In the movie, a group of wealthy Britons, a British actor/entertainer, an American movie producer and their servants gather at Gosford Park, the country estate of a wealthy industrialist named Sir William McCordle, for a shooting party over the weekend. Sir William is not a popular man. His wife and most of his in-laws despise him. And most of his servants (aside from one or two) dislike him. When Sir William is found murdered inside his study during the second night of the weekend, there seemed to be a list of suspects who have a very good reason to kill him:

*Lady Sylvia McCordle – Sir William’s bitchy wife, who despises him and had married Sir William for his money

*Commander Anthony Meredith – One of Sir William’s brothers-in-law, who is desperate for the industrialist’s financial backing in a venture regarding shoes for Sudanese soldiers

*Raymond, Lord Stockbridge – Sir William’s snobbish brother-in-law, whose wife might be having an affair with him

*Lady Lavinia Meredith – Sir William’s younger sister-in-law and devoted wife to Commander Meredith

*Mrs. Croft – Gosford Park’s head cook and former employee at one of Sir William’s factories, who despised him

*Mrs. Wilson – Gosford Park’s housekeeper, Mrs. Croft younger sister and another former employee of one of Sir William’s factories

*Lord Rupert Standish – a penniless aristocrat who wants to overcome Sir William’s opposition and marry his only child, Isobel McCordle

*Constance, Countess of Trentham – Sir William’s aunt-in-law, who is dependent upon a regular allowance from him

The weekend party include other guests and servants, such as:

*Mary Maceachran – Lady Trentham’s lady maid

*Elsie – Head housemaid whom Mary befriended, and who was definitely having an affair with Sir William

*Ivor Novello – Famous actor/singer and Sir William’s cousin

*Morris Weissman – Producer from Fox Studios

*Henry Denton – Weissman’s valet, who is actually a Hollywood minor actor studying for an upcoming role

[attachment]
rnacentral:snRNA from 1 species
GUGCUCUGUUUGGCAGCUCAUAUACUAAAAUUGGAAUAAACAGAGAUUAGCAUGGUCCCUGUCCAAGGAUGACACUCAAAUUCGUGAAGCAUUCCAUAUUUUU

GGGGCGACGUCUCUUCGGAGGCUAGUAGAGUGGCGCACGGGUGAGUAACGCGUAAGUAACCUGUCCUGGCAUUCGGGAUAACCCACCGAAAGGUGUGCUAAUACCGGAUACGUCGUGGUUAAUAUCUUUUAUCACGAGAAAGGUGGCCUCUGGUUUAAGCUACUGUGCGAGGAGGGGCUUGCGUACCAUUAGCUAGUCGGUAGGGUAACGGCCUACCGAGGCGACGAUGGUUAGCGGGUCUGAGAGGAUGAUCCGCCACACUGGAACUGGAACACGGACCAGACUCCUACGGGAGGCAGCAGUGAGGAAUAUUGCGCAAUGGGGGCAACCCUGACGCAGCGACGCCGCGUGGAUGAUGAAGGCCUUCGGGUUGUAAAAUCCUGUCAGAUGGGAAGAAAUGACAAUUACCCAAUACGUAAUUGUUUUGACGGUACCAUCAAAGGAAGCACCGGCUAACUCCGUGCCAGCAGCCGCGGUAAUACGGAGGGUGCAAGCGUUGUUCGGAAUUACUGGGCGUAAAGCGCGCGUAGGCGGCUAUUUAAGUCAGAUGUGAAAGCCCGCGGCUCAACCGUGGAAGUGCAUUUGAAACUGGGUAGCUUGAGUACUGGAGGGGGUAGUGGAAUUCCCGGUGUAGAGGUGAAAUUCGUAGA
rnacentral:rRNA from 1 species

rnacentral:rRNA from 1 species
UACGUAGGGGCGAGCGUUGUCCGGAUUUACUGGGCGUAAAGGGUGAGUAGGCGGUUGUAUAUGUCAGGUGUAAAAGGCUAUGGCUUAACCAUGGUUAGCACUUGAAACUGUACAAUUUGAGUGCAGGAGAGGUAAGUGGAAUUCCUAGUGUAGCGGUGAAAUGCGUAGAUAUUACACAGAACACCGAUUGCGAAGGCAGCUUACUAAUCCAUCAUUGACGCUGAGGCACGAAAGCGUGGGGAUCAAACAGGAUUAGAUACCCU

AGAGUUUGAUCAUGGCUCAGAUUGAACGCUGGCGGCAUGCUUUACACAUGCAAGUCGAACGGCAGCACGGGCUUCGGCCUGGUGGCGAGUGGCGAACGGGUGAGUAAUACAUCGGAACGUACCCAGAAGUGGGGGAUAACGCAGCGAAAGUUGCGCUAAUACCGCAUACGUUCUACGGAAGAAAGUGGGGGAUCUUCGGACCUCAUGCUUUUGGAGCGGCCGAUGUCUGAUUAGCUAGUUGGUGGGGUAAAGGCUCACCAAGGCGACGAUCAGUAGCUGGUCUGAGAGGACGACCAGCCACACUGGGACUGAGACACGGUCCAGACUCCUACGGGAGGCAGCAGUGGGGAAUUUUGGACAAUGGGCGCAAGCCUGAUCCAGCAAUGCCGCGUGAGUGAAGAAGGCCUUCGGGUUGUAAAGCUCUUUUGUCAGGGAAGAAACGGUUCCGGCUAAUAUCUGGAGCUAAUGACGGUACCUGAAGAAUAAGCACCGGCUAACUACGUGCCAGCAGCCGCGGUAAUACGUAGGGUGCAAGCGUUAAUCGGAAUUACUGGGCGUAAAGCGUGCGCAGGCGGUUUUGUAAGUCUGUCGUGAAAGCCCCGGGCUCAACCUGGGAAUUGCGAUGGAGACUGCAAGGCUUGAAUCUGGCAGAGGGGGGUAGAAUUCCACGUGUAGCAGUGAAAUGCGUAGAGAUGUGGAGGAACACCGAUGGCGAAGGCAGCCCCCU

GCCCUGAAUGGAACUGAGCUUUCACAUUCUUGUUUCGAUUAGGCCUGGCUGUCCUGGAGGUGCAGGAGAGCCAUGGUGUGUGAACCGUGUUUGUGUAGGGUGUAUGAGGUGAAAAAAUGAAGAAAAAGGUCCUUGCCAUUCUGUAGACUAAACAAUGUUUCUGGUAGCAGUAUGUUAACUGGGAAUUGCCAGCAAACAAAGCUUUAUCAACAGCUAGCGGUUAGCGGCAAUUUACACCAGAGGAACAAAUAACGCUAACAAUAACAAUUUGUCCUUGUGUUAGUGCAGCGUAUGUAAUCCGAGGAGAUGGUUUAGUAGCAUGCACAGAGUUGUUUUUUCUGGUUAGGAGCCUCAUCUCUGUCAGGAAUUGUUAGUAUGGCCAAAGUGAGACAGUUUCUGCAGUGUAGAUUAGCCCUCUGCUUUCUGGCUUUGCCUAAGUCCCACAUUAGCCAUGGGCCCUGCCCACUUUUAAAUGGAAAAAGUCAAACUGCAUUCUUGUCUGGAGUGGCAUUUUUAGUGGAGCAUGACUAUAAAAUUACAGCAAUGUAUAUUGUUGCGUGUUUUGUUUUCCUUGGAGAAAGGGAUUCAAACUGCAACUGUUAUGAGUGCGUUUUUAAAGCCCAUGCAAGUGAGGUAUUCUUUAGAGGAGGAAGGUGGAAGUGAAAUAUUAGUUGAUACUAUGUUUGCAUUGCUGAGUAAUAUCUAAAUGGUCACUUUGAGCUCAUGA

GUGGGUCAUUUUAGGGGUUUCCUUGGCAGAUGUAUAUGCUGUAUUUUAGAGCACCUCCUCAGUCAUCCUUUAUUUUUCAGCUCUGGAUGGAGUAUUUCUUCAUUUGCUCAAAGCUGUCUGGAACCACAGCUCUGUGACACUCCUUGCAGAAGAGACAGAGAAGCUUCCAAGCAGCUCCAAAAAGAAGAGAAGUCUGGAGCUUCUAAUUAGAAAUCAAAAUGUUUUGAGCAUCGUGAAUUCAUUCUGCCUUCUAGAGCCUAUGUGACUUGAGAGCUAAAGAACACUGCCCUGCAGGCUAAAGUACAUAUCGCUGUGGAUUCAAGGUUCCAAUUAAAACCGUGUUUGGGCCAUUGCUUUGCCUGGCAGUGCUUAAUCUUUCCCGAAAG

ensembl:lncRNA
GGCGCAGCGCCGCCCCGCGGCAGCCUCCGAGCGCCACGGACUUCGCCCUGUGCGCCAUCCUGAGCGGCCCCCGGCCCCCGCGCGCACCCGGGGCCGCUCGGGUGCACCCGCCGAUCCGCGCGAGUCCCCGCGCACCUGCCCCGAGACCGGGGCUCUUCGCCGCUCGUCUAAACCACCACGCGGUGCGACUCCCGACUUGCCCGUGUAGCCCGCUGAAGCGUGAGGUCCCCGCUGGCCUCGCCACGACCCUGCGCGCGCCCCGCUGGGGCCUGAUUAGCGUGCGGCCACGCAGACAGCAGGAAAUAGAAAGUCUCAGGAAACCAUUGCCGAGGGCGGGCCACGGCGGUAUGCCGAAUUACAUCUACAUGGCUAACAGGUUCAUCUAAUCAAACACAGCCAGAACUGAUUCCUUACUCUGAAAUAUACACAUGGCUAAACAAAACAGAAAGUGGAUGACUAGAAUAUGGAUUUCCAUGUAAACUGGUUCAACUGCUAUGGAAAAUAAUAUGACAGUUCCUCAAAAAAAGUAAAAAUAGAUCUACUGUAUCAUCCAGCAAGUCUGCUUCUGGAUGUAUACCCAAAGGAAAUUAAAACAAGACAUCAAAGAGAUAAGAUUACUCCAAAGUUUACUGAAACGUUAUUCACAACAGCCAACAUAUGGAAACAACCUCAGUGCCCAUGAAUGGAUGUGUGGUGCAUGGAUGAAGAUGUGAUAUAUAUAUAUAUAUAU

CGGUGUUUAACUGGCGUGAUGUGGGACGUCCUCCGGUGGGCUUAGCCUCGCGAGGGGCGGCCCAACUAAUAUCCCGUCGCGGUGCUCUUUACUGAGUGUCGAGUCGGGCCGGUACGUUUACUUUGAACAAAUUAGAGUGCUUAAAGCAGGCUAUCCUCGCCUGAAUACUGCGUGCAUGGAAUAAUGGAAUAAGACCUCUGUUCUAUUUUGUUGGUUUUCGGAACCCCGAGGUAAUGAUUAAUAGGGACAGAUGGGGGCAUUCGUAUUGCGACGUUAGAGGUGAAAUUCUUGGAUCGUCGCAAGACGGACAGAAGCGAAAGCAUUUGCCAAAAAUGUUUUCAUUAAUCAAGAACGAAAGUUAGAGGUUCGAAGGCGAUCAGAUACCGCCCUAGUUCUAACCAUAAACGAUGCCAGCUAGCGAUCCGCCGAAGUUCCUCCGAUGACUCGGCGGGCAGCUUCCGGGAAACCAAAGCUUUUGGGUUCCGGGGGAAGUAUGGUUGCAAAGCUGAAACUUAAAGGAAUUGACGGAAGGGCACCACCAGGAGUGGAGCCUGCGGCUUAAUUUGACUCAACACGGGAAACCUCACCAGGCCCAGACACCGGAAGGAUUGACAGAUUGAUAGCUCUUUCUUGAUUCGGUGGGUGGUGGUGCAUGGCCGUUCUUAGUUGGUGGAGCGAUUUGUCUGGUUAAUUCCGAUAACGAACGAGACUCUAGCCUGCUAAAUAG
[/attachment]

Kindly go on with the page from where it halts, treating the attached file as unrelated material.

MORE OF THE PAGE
*Robert Parks – Lord Stockbridge’s new valet

*Jennings – Major domo of Gosford Park, who has a secret to hide

*Honorable Freddie Nesbitt – A local impoverished aristocrat who had earlier seduced Isobel. At the shooting party, he tries to blackmail her into convincing Sir William to give him a job

*Mabel Nesbitt – The daughter of a self-made glove manufacturer whom Freddie married for her money, before spending the latter.

*Louisa, Lady Stockbridge – Sir William’s other sister-in-law, with whom he might have had an affair

*Probert – Sir William’s personal valet and one of the few who actually grieved him.

Needless to say, the list of characters is a long one. Following Sir William’s murder, the local police in the form of one Inspector Thompson and Constable Dexter arrive to solve the murder. Being incompetent and a complete snob, Inspector Thompson seemed to regard the higher class guests as worthy suspects for the murder of Sir William. Constable Dexter, on the other hand, seemed more interested in Jennings’ World War I past and the clues at hand. In fact, Dexter managed to ascertain that Sir William had been poisoned by one person, before another drove an ax into his back. But it was lady’s maid Mary Maceachran who managed to figure out the culprits in the end.

I cannot deny that after ten years or so, “GOSFORD PARK” remains a big favorite of mine. When the movie first reached the movie screens in December 2001, many admitted to enjoying the film, but predicted that it would age with time. There are perhaps some critics who believe this has actually happened. But I do not agree. Considering the increasingly bleak social landscape of today, I believe that the theme behind “GOSFORD PARK” has remained relevant as ever. Despite my love for the film, would I consider it perfect? Honestly? No. Other critics may be able to find more than two flaws in the film. On the other hand, I was able to find two that bothered me.

The pacing for most of “GOSFORD PARK” seemed to be on spot . . . at least for me. It possessed a great set-up for introducing the characters, the setting’s atmosphere and the revelation of the suspects’ motives for wanting Sir William dead. However, the murder did not occur until two-thirds into the movie. Once Inspector Thompson appeared on the scene, the movie’s pacing began to drag. And it did not pick up again until the movie’s last twenty minutes. For me, the pacing during the last third of the film struck me as merely a minor flaw. There was another that proved to be a bigger one for me – namely the Henry Denton character.